Which reasons support the argument that cell phones should be turned off at school? Check all that apply. Parents should be able
to text kids anytime in case of emergency. Ringing and vibrating phones disrupt classroom instruction. Many applications and Internet sites display inappropriate material. Students should be encouraged to use smart phones for research. Text messages are personal and should be written in private. Phones often contain calendars that are essential for time management.
This might not be the right answer but, teachers should let the students on their phone if they get a call, or text because it could be an emergency. But students do take advantage of this and use their phones constantly while the teacher is talking, or giving you instructions. It is rude that students do this, but they should be allowed to answer phone calls and texts as long as they are still paying attention and not being rude to the teacher or other students that might be giving a presentation.
-Power Struggle: The ambition of Claudio suggested in Act 1 by the ghost who says he is the King and was killed by his own brother.
-Incest: Because his uncle now is husband of Hamlet's mother
-Existentialism doubt and sanity: Hamlet doubts about the information he heard about a ghost and his own mental health. He was the king's son and now is responsible to find the justice and fulfill his father expectantios of revenge his death.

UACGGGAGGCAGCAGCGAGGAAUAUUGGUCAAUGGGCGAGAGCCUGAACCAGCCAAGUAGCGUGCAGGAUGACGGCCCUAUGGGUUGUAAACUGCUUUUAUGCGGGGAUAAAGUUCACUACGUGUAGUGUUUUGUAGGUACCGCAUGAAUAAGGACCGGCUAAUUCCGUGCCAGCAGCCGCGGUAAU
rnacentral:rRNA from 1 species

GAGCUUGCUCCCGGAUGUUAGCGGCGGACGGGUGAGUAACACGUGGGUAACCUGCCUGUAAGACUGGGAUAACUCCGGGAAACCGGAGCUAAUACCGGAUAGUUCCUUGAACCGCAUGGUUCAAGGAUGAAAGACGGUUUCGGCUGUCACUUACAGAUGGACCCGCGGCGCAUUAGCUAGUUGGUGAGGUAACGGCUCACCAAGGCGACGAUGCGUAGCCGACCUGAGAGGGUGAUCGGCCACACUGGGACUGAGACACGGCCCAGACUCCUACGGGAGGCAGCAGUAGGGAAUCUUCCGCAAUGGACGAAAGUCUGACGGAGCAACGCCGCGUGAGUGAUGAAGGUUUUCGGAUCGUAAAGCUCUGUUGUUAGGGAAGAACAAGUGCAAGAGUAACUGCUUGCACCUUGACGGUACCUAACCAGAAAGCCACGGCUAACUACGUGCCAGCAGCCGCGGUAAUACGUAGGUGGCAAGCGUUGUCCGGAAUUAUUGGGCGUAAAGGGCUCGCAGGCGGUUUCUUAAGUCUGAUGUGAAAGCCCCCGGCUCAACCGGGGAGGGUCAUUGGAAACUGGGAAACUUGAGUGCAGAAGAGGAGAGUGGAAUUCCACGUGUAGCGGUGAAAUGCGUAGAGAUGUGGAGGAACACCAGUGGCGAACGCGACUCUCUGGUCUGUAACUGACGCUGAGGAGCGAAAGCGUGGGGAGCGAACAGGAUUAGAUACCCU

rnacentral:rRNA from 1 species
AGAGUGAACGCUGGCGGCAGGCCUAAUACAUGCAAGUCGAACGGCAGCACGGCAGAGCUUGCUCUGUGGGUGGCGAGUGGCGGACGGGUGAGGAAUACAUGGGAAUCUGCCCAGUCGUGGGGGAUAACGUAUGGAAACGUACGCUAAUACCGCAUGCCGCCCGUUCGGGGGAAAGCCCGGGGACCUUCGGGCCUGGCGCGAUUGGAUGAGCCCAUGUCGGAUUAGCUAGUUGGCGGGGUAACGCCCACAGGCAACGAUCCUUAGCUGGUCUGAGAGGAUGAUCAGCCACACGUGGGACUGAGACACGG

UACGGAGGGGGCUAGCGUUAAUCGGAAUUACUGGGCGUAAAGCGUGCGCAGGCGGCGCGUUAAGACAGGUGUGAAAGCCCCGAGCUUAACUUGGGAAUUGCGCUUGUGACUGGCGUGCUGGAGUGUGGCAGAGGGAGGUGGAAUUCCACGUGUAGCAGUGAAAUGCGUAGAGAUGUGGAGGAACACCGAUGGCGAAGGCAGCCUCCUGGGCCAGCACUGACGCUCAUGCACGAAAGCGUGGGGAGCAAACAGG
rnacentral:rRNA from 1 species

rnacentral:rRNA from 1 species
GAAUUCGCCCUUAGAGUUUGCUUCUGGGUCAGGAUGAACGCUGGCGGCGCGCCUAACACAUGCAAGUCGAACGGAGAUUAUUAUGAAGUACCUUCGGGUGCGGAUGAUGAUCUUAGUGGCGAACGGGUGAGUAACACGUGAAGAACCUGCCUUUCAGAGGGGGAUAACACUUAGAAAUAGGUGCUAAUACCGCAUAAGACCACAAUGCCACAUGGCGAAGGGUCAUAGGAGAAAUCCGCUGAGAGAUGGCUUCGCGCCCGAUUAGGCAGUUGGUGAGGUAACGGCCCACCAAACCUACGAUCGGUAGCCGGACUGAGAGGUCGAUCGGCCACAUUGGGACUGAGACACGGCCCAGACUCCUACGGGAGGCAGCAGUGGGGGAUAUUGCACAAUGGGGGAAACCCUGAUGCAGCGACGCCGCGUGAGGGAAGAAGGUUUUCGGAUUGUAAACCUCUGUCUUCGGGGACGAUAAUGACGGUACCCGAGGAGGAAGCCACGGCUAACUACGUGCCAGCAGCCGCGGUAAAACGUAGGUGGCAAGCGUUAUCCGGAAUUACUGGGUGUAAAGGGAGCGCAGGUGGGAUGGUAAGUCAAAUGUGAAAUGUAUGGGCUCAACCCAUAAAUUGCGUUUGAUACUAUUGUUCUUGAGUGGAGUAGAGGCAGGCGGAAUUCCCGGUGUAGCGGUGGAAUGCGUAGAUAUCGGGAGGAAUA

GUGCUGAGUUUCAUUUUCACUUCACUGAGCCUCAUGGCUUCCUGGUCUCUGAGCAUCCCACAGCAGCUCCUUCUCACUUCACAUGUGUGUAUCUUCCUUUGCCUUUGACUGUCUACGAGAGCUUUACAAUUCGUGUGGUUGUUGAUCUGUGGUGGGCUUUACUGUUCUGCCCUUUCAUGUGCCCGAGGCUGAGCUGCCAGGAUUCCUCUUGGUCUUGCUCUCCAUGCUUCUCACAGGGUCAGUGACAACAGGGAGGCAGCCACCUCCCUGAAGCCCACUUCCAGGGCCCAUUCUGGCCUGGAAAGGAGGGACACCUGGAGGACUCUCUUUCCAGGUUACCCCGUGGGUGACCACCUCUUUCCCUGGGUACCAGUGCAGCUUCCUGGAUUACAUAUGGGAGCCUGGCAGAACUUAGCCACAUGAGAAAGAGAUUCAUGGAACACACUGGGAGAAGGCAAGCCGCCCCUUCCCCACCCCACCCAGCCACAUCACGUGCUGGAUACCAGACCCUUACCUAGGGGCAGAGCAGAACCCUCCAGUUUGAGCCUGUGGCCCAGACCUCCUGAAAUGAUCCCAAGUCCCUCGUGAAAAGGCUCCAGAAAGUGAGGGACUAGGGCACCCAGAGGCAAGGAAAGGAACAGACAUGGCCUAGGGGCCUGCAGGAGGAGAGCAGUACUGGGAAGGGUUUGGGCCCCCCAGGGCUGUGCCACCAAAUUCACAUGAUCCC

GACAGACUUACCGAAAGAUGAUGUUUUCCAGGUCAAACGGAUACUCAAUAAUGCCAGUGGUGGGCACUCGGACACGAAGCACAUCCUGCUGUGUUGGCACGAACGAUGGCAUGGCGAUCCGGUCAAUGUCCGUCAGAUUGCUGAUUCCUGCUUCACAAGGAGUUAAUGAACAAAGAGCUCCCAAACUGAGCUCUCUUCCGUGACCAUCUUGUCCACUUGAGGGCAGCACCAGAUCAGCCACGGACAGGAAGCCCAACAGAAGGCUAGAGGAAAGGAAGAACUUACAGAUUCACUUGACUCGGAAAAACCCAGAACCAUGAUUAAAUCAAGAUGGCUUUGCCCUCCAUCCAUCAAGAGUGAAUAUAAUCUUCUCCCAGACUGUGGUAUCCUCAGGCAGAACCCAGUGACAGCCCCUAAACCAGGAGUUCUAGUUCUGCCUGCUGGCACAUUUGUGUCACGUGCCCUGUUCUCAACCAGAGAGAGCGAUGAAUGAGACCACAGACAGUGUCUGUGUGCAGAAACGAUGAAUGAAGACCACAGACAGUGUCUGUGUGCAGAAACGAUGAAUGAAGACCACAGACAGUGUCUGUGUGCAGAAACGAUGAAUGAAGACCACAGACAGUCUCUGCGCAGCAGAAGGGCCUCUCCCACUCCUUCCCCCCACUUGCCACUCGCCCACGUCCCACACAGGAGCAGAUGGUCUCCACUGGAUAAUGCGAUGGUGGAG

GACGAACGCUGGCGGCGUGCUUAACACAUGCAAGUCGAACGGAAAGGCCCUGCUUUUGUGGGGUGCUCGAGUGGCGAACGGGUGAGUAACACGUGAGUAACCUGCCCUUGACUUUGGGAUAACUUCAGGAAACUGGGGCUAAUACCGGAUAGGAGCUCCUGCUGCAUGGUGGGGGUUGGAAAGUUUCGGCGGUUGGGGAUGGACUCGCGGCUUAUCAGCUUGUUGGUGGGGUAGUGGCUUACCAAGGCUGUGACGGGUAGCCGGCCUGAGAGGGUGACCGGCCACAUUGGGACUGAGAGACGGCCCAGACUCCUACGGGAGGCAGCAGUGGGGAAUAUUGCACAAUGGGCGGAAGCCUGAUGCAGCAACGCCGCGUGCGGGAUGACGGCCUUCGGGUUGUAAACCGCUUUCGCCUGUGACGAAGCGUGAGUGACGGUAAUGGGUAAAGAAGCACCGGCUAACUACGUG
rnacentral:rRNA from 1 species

In the first chapter of On Writing Well, the writer William Zinsser recalls being invited to a school in Connecticut to speak about writing as a vocation. Mr. Brock, a surgeon who had started writing as a hobby, was there to speak about writing as an avocation. This allowed the students to have access to different perspectives on writing and to understand that there is not just one right way to write.
The setting shape's Helen's character because it causes her father to choose her husband.
<h3>Who chooses Helen's husband?</h3>
Helen, the famous character from Greek mythology, known for being the most beautiful woman in the world, does not choose her own husband. It is her father who does.
Being so divinely beautiful, it was only natural that Helen should have many suitors. As important men flood in, asking for her hand in marriage, it is her father who is in charge of choosing someone. In the end, Menelaus is chosen.